- 17MM Socket
- 2' Breaker Bar (might be able to use something shorter)
- Allen Wrench of decent size (to be used as the tensioner locking pin)
- Flat Head Screw Driver
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4 minute read
A6 2004 C5 Audi 2.7T Serpentine Belt DIY
Compliments of deem2000 @ https://www.audiforums.com
I completed this repair thanks to the generous help of Kris Hansen's DIY located here. AudiWorld Tech Articles
While I was replacing the belt I had a few "ah ha" moments and thought a DIY would be beneficial for others.
2' Breaker Bar (might be able to use something shorter)
Allen Wrench of decent size (to be used as the tensioner locking pin)
Flat Head Screw Driver
Approx 1 Hr of Time
Start off by removing the weather stripping from the bumper and plastic engine covers that block access to the serpentine belt, see Serpentine in the car.JPG.
Next, remove the plastic vacuum line from the left side. Undo the clamps and remove the screw at the bottom of the plastic vacuum line as shown in the pictures below. Also, the plastic vacuum line sits on a lip near the bottom so it'll take some work to get it out. See the following photos.
Disconnected Plastic Hose.JPG
Plastic Hose Disconnect Top.JPG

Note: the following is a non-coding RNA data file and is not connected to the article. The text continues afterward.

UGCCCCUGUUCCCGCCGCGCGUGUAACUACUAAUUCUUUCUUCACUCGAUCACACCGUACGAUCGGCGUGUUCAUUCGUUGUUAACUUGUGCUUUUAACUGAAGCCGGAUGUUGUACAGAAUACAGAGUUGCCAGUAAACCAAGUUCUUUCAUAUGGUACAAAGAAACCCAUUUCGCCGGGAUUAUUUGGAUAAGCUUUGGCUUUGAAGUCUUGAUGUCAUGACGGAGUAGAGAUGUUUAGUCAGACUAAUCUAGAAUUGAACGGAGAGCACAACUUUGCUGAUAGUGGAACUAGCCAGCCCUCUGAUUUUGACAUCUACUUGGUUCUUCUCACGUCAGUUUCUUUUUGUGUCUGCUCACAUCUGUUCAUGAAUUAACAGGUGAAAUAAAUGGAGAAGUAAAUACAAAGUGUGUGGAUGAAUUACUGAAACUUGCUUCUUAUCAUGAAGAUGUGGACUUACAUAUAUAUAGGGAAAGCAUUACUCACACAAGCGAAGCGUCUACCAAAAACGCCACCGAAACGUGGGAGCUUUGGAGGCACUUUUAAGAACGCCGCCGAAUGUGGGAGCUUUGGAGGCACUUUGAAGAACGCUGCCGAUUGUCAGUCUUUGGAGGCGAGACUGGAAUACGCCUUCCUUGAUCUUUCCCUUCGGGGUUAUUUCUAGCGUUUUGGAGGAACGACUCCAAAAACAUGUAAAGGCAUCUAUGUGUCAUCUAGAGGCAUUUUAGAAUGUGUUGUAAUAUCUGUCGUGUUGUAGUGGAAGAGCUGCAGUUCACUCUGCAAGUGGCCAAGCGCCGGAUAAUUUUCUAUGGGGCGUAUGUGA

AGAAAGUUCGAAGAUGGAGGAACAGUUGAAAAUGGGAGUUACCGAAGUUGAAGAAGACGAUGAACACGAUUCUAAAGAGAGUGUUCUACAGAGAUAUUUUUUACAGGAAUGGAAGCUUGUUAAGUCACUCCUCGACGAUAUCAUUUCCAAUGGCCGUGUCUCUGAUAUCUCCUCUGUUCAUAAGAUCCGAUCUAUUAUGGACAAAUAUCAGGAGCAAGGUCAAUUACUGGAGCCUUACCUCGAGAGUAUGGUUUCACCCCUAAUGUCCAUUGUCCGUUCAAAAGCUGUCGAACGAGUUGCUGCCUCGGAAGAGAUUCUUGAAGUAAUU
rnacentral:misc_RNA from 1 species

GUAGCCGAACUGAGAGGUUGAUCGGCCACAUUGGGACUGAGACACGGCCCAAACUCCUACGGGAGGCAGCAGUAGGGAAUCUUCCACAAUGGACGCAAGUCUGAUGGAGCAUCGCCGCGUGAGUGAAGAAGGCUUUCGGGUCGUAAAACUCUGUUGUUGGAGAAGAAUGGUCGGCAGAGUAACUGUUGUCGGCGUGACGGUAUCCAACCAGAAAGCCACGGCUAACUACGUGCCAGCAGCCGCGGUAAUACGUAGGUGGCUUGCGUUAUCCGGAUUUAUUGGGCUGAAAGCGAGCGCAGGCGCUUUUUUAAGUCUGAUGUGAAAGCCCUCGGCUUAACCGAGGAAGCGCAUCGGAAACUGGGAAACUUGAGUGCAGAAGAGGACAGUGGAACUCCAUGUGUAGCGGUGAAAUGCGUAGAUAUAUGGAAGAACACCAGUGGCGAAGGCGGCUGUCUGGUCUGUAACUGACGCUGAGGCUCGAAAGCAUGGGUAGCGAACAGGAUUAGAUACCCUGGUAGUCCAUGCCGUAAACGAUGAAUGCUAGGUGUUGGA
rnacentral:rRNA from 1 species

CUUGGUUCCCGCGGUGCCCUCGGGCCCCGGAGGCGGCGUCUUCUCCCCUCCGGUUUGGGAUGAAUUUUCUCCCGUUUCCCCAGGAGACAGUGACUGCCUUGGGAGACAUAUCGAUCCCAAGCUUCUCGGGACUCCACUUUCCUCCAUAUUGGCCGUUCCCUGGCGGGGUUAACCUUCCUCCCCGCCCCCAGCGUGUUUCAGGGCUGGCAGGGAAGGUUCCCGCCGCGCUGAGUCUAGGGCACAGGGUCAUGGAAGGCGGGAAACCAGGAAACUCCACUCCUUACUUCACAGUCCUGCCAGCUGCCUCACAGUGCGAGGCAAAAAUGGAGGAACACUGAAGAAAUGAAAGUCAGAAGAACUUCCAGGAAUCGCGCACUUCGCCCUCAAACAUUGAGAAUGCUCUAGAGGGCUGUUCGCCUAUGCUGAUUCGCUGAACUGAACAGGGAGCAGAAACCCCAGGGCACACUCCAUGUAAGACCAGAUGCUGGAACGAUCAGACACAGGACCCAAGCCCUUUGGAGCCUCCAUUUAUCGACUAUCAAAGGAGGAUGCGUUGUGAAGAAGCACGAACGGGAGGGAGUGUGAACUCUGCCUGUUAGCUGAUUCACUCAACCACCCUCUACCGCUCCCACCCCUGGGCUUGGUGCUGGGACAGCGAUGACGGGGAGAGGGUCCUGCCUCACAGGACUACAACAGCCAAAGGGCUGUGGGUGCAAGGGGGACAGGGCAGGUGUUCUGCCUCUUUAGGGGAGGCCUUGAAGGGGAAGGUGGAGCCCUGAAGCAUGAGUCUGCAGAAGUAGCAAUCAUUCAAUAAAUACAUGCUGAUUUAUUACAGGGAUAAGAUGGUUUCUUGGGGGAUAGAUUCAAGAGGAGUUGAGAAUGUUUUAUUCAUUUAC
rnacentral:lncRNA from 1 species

Plastic Hose Disconnect Bottom.JPG
Once the plastic hose is out of the way, you can now freely access the serpentine belt.
Get your 17MM Socket and Breaker bar and attach it to the nut and rotate it towards the driver side, see Belt Tension Bolt Location.JPG While holding presser on the breaker bar (relieving pressure on the tensioner), put the locking pin in (allen wrench), see Belt Tensioner Relief Pin Placement.JPG. Note, it's best to feel for the locking pin location first before getting the breaker bar in there.
Slide off the old belt.
Compare the old belt to the new belt, see Old and New Belt.JPG. Their lengths should match!
Put the new one on. Fish the belt around all the pulleys leaving the tensioner for last. You want to make sure the belt grooves are lined up before closing it back up. The first time I tried to the put on the belt it was difficult because I did not have the belt lined up correctly on all of the pulleys. When you slide the belt on to the tension it should be easy. If it's not look around; the belt is not on properly.
With the belt back on check it again, make sure the grooves are lined up.
Ok, put it back together, take it for a test drive, and smile because you just saved yourself $350 in labor from the dealer.
I did this repair when my car was 7 years old and had 50,000 miles after the dealer suggested replacement because it was noisy.
Continuation of previous post. See attached photos.